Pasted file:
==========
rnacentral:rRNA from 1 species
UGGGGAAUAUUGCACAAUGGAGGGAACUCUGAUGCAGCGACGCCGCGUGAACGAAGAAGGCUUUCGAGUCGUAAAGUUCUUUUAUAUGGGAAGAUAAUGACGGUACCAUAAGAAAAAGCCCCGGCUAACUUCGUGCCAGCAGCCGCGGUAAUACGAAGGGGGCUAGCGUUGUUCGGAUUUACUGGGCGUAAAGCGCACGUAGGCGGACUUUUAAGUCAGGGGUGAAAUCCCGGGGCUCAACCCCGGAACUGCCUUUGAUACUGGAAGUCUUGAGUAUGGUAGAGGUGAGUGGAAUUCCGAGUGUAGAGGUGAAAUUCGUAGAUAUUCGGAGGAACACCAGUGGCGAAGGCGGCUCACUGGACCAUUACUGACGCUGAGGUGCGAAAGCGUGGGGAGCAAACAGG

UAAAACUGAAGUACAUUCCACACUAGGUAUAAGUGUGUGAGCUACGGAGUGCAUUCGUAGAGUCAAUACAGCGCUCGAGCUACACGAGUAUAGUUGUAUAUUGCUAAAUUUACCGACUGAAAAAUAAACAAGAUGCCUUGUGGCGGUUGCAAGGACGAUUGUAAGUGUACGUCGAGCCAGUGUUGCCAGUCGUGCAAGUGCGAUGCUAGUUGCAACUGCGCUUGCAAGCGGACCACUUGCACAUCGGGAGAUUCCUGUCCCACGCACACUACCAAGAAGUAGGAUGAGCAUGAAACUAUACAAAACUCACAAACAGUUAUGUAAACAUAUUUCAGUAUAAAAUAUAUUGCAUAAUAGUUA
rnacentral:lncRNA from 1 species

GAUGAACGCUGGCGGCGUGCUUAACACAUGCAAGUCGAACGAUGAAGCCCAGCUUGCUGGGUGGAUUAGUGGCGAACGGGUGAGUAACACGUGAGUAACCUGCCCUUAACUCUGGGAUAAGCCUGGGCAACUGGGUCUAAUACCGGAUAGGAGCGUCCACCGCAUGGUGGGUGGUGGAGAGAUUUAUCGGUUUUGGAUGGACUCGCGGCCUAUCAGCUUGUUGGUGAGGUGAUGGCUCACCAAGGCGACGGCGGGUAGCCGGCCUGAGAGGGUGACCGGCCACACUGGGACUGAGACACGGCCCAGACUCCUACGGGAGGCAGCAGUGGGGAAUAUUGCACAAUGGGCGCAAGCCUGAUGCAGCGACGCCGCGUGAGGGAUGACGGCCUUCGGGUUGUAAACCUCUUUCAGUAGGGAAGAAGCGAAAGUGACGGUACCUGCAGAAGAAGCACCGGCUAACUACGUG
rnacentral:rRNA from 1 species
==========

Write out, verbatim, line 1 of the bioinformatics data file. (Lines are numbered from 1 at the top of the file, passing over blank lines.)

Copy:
rnacentral:rRNA from 1 species